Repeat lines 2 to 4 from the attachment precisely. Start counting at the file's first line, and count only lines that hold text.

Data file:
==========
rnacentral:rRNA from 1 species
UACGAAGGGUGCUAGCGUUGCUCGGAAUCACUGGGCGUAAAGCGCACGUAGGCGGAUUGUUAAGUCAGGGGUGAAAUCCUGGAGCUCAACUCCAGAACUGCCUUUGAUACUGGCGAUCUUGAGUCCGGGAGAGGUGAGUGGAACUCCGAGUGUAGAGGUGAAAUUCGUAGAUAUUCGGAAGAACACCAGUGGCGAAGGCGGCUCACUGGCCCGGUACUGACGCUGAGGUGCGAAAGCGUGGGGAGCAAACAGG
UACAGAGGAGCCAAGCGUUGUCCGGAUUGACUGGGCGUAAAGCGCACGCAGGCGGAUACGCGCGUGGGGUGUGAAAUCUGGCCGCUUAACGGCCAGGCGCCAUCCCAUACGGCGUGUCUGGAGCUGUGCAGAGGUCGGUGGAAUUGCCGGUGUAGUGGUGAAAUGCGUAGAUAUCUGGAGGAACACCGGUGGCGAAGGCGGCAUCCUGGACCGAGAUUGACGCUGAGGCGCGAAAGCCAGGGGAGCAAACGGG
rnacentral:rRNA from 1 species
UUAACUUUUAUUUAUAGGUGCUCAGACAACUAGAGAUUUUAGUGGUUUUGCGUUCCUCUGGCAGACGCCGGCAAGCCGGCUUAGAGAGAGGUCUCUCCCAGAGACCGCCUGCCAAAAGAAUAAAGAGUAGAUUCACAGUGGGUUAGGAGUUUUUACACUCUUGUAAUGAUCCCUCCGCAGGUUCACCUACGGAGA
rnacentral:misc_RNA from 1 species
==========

UACGAAGGGUGCUAGCGUUGCUCGGAAUCACUGGGCGUAAAGCGCACGUAGGCGGAUUGUUAAGUCAGGGGUGAAAUCCUGGAGCUCAACUCCAGAACUGCCUUUGAUACUGGCGAUCUUGAGUCCGGGAGAGGUGAGUGGAACUCCGAGUGUAGAGGUGAAAUUCGUAGAUAUUCGGAAGAACACCAGUGGCGAAGGCGGCUCACUGGCCCGGUACUGACGCUGAGGUGCGAAAGCGUGGGGAGCAAACAGG
UACAGAGGAGCCAAGCGUUGUCCGGAUUGACUGGGCGUAAAGCGCACGCAGGCGGAUACGCGCGUGGGGUGUGAAAUCUGGCCGCUUAACGGCCAGGCGCCAUCCCAUACGGCGUGUCUGGAGCUGUGCAGAGGUCGGUGGAAUUGCCGGUGUAGUGGUGAAAUGCGUAGAUAUCUGGAGGAACACCGGUGGCGAAGGCGGCAUCCUGGACCGAGAUUGACGCUGAGGCGCGAAAGCCAGGGGAGCAAACGGG
rnacentral:rRNA from 1 species